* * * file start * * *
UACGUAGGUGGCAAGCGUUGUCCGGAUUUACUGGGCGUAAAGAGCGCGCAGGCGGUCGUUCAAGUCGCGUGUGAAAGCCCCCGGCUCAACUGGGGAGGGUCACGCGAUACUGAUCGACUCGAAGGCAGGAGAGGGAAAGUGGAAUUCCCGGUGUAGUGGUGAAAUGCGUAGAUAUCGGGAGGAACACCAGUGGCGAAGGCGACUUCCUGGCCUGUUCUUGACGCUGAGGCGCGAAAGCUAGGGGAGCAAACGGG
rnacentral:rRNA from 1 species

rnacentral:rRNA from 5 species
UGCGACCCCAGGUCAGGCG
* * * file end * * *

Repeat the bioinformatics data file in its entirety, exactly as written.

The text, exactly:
UACGUAGGUGGCAAGCGUUGUCCGGAUUUACUGGGCGUAAAGAGCGCGCAGGCGGUCGUUCAAGUCGCGUGUGAAAGCCCCCGGCUCAACUGGGGAGGGUCACGCGAUACUGAUCGACUCGAAGGCAGGAGAGGGAAAGUGGAAUUCCCGGUGUAGUGGUGAAAUGCGUAGAUAUCGGGAGGAACACCAGUGGCGAAGGCGACUUCCUGGCCUGUUCUUGACGCUGAGGCGCGAAAGCUAGGGGAGCAAACGGG
rnacentral:rRNA from 1 species

rnacentral:rRNA from 5 species
UGCGACCCCAGGUCAGGCG